Medical coding is a detailed process of translating critical patient healthcare diagnoses, treatments, therapeutic services, and medical equipment into the standard ICD-10, CPT, and HCPCS codes that are used by the healthcare industry, insurance companies, and public health institutions. These codes serve as a universal language that makes for clear communication while also facilitating coverage and reimbursement for services.

Medical practices of every scale and discipline need to use the correct medical codes to accurately describe the services provided. This information is used to generate claims that are submitted to commercial insurance companies or public health institutions. This means that the provider needs to choose the correct CPT code for every diagnostic process, treatment procedure, and medical equipment used.

Third-party medical billing and coding services offer an additional layer of insulation to providers, as they have industry experts who review claims, and medical records to ensure that the most accurate code is selected to describe the service or procedure that the patient received. This goes a long way toward reducing delays due to missing information, claim rejections, or claim denials.

Another layer of complexity added to the process of coding is determining whether a patient/procedure should be billed as a single procedure using just a single code or if it should be billed separately. This can vary depending on the overriding medical coding rules. Sometimes it can be hard to determine if multiple procedures or therapeutic treatments for a patient should be “Bundled” together or if they should be “Unbundled” to be coded and billed separately.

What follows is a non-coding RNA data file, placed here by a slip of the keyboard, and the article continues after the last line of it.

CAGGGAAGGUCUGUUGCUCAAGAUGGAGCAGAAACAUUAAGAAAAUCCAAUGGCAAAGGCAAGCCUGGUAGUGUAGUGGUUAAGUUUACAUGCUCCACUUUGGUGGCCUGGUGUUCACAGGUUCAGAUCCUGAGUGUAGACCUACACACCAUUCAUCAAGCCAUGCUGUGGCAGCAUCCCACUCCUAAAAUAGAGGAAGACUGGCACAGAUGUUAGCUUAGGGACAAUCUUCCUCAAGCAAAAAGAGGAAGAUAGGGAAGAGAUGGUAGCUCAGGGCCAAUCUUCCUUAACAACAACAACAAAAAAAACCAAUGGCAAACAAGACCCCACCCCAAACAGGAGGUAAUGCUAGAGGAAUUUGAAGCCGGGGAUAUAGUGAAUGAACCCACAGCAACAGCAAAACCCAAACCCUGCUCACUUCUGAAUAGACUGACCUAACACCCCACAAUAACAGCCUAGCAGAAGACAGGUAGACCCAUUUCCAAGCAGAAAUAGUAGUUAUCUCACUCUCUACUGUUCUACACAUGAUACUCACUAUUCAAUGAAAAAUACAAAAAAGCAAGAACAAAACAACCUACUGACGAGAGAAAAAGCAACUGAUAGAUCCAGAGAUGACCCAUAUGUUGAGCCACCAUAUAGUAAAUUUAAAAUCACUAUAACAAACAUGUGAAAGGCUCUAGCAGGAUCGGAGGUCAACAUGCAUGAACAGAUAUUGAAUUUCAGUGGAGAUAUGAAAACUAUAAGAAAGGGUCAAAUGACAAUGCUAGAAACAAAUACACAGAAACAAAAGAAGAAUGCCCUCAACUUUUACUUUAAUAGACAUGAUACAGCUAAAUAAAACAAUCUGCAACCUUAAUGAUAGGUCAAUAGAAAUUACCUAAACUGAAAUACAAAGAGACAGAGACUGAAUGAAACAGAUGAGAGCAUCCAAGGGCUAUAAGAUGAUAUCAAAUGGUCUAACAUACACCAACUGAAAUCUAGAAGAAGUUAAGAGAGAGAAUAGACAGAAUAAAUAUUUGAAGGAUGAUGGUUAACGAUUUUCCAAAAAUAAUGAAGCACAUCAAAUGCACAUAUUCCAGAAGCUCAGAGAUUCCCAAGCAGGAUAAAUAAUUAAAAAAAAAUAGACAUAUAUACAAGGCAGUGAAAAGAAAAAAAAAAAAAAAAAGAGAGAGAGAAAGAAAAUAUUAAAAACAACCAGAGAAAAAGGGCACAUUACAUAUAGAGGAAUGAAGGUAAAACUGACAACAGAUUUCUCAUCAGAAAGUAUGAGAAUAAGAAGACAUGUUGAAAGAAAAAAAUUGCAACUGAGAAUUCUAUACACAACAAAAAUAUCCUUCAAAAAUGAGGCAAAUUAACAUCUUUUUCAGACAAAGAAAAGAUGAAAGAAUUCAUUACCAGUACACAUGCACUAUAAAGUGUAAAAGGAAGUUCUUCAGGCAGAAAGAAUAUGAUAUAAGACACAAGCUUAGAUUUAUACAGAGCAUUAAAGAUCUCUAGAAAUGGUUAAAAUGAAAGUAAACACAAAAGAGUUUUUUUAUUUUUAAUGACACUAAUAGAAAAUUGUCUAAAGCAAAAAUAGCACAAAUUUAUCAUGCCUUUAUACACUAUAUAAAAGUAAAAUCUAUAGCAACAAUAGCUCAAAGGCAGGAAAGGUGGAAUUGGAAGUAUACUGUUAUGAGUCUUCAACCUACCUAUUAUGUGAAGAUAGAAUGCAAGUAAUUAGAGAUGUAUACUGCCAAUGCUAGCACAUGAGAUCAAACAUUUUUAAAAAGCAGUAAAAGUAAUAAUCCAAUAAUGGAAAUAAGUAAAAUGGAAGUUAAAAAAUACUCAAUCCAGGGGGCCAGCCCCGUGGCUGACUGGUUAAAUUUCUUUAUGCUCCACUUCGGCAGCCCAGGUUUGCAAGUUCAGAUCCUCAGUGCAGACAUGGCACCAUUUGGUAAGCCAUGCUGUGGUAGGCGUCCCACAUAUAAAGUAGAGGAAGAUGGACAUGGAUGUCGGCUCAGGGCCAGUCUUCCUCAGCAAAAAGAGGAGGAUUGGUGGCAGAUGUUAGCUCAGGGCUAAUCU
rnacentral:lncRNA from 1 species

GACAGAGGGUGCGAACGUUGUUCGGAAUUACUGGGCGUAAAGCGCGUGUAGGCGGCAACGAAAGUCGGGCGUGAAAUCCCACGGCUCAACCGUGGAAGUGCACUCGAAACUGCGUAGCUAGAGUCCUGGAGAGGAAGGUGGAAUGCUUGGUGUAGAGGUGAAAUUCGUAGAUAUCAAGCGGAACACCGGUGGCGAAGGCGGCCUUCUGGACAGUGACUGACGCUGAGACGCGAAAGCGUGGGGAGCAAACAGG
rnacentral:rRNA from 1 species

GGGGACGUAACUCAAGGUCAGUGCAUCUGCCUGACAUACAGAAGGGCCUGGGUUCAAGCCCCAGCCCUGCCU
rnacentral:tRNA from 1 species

Bundling is a medical billing technique where specific CPT or HCPCS Level II codes are billed together under one single code. Unbundling is often the more appropriate coding technique for times when two or more codes that might be used for a single procedure can be billed separately.

Though knowing when to bundle or unbundle can potentially influence medical billing accuracy. If you or a staff member in charge of medical billing at your practice accidentally makes the incorrect choice it can cause claim delays, rejections, or outright claim denials.

This can have a major impact on the consistency of your practice’s revenue stream. Not to mention taking time away from treating patients just to correct the coding error.

What Is Bundling in Medical Coding?

Bundling is a medical billing technique the provider uses to apply a single CPT code for describing separate, but related procedures performed during a single appointment or within a reasonably defined period of time. This type of bundled payment approach allows the provider or healthcare facility to receive a single payment for all the services performed to treat a patient in their care.

The Office of the Inspector General notes that unbundling is the appropriate coding method for times when “The billing entity uses separate billing codes for services that have an aggregate billing code.” Determining if a procedure or a series of procedures can be bundled largely depends on what services were provided.

Bundling often applies to a case where a second procedure is necessary to successfully complete the primary procedure for completion of the treatment plan. This might be something like an incision that was needed for a surgical procedure which might not be considered a separate procedure. Whereas a closure of the incision after a surgical procedure is a critical part of completing the surgery. Even though the incision and closure are included in the surgical codes.